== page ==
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Deprivation of Liberty Safeguards
HSSD presented its proposals for a new Capacity Law at the last States meeting. Included within this were recommendations for deprivation of liberty safeguards (DOLS) to protect the most vulnerable in society. It was subject to an amendment to delay until the UK has decided what it was going to do to amend its legislation. The amendment was defeated and then there were calls from the proposer of the amendment to take it out completely. I set out below my speeches urging members not to support the amendment and then in main debate, to support the policy letter in full. The policy letter ended up being passed fully and without amendment.
Speech – main debate
Sir, this isn’t a health issue at all, although it’s more applicable in health and care settings. It’s a human rights issue. It’s about how we protect the liberty and dignity of those citizens among us who are most vulnerable to having their freedom of choice taken away.
I think HM Procureur has made it very clear that this policy letter has been written to be human rights compliant. Just taking out the DOLS will just lead a coach and horses through it. It is the flip side of the same coin – the capacity law results in giving powers over someone without capacity. DOLS gives that person without capacity protection. It’s as simple as that. That is why it is required. That is why, if we don’t include DOLS, the Privy Council are quite likely to throw it back. That is the risk.
Now to cost. Comments made yesterday by Deputy Dave Jones just exemplify why mental health services have been the Cinderella of our services for so long. So much easier to spend money on drugs and operations that you can see.
Of course, we would like more investment in community nurses and social workers. It is needed, but it must not be a binary choice between one or the other, because that’s simply not he reality.
This is, as Deputy Perrot has said, a good news story, and I urge members to support this policy letter in full.
Speech – amendment
Sir, Deputy Hadley is nothing if not consistent. Here he is laying yet another unnecessary amendment. This policy letter is the result of extensive consultation with those professional concerned. Deputy Hadley references a meeting with 2 psychogeriatricians and I think I need to make it clear what actually happened at that meeting.
At the Board meeting where this policy letter was discussed, Deputy Hadley said that a couple of psychogeriatricians did not like it the DOLS and therefore he couldn’t support it. Following that meeting, I agreed to meet with them and Deputy Hadley, together with the States’ consultant psychiatrist of adult mental health, head of older adults services, director of communities and the law officer involved.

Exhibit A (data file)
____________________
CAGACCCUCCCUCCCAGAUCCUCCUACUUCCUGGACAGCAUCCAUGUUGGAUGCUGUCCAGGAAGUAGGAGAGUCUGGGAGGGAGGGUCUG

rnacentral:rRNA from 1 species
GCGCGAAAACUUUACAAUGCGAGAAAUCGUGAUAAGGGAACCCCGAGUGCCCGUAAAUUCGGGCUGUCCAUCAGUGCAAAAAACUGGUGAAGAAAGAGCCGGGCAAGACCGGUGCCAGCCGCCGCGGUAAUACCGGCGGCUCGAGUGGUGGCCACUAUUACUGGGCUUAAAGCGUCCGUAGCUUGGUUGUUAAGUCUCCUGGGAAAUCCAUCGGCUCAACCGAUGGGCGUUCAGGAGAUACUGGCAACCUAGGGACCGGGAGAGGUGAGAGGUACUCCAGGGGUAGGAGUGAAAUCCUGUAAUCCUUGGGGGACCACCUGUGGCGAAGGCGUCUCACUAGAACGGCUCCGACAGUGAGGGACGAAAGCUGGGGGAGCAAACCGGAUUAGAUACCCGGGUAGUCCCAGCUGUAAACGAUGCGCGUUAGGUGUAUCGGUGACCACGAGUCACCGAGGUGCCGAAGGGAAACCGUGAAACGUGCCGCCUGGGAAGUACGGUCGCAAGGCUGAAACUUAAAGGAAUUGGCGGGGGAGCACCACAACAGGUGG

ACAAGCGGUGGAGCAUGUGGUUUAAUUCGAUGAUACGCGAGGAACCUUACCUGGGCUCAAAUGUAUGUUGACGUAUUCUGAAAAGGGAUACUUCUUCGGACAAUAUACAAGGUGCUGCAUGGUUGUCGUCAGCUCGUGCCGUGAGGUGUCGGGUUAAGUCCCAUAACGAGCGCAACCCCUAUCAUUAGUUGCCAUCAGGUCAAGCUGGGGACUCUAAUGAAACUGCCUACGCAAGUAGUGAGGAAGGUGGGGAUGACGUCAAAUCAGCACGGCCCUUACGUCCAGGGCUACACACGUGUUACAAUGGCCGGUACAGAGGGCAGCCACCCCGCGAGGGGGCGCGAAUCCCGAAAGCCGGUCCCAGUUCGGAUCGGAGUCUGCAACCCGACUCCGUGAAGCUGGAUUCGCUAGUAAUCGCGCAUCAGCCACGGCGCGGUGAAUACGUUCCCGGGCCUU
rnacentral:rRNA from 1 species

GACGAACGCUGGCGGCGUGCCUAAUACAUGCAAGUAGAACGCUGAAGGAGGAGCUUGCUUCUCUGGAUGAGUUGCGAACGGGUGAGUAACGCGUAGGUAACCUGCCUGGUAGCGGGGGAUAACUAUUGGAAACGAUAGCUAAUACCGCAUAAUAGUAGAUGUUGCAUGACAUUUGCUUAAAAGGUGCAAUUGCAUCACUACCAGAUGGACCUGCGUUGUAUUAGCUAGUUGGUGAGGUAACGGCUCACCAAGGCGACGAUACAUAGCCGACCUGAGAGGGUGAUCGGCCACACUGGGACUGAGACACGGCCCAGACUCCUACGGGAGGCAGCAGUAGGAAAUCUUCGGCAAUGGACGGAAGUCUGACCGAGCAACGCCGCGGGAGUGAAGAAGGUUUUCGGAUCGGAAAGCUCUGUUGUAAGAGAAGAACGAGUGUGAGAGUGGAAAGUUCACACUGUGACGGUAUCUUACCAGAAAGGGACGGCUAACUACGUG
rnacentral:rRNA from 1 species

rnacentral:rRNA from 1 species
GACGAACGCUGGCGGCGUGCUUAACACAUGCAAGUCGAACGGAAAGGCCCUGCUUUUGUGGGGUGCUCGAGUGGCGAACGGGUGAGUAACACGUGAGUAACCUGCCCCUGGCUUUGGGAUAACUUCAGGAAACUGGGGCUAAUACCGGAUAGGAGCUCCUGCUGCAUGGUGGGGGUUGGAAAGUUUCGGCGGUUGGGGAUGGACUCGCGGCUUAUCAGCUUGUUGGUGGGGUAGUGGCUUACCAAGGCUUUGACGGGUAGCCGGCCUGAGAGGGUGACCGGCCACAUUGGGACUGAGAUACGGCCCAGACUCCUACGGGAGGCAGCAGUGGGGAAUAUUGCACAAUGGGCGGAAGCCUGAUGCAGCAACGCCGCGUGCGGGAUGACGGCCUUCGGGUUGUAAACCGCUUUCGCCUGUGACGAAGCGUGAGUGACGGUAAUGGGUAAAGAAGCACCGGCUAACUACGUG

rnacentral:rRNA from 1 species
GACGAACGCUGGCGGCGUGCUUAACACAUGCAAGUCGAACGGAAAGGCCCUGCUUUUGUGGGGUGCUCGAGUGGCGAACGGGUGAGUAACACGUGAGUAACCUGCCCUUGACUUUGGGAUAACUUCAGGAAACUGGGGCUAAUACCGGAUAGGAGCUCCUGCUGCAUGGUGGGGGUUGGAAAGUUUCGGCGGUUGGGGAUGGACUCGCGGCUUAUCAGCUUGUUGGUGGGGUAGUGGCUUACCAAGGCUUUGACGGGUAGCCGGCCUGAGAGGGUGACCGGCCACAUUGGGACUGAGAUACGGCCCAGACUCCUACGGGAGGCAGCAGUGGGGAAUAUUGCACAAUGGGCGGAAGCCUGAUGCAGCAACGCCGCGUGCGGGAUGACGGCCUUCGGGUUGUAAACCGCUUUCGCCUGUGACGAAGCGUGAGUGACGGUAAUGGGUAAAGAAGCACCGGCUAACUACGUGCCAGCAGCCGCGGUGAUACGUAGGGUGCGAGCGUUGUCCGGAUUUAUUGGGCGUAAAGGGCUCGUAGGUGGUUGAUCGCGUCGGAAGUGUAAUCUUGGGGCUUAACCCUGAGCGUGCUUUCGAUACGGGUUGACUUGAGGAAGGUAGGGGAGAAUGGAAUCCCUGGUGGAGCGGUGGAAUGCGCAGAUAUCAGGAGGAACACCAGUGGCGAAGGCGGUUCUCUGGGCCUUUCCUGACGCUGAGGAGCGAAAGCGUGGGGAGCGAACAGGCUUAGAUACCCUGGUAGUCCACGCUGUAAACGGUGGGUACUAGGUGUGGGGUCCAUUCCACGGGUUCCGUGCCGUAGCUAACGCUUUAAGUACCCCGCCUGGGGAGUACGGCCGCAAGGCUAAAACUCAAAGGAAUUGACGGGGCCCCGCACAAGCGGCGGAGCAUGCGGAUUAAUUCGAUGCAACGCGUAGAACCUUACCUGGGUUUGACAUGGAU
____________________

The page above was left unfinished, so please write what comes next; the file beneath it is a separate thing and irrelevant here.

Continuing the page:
At that meeting it was clear that the psychogeriatricians has been led to believe that this policy letter was actually the law. They were advised this was not the case. It was also clear that there was a lack of awareness as to the legislative process here and that we would have little ability to develop a law different from the UK. The final concern was with regard to the term Deprivation of Liberty. It is a phrase that is tainted due to the system that has been put in practice in the UK.
It was explained that the term comes from Article 5 of the EU Convention of Human Rights, which Guernsey has incorporated into its law through the Human Rights (Bailiwick of Guernsey) Law, 2000. Article 5 states that;
“Everyone has the right to liberty and security of person. No one shall be deprived of his liberty save in the following cases and in accordance with a procedure prescribed by law”. Therefore, in order for our law to be compliant with the convention we have to use the same phraseology.
However, that does not mean this has to be used as the standard term, merely that it is made clear that wahtever term is used it has to be referenced to the term Deprivation of Liberty. I believe the proposals suggested by the Law Commission when they went to consultation included changing the term in the UK to ‘protective care’.
It was made clear at that meeting that no-one wanted to follow the UK. We wanted a balanced and proportionate law for Guernsey. In fact this is an opportunity for Guernsey to be ahead of the UK and set the benchmark, not follow. AND, AND, we could do that and would do that through working with the professional to develop the legislation, regulations and subsequent codes of practice. There is nothing in this policy letter that says this will be anything like the UK.
At the end of that meeting the professionals, just note, the 2 profesioanls with concerns, were assured. Deputy Hadley said that he was, if they were. Great! It was a good meeting. Then, 2 days later, we heard Deputy Hadley wasn’t happy and couldn’t support the policy letter – again!
Sir, the problem here is, I’m afraid with Deputy Hadley, not this policy letter. Sir, Deputy Hadley is alone on this and I urge all members to reject this amendment.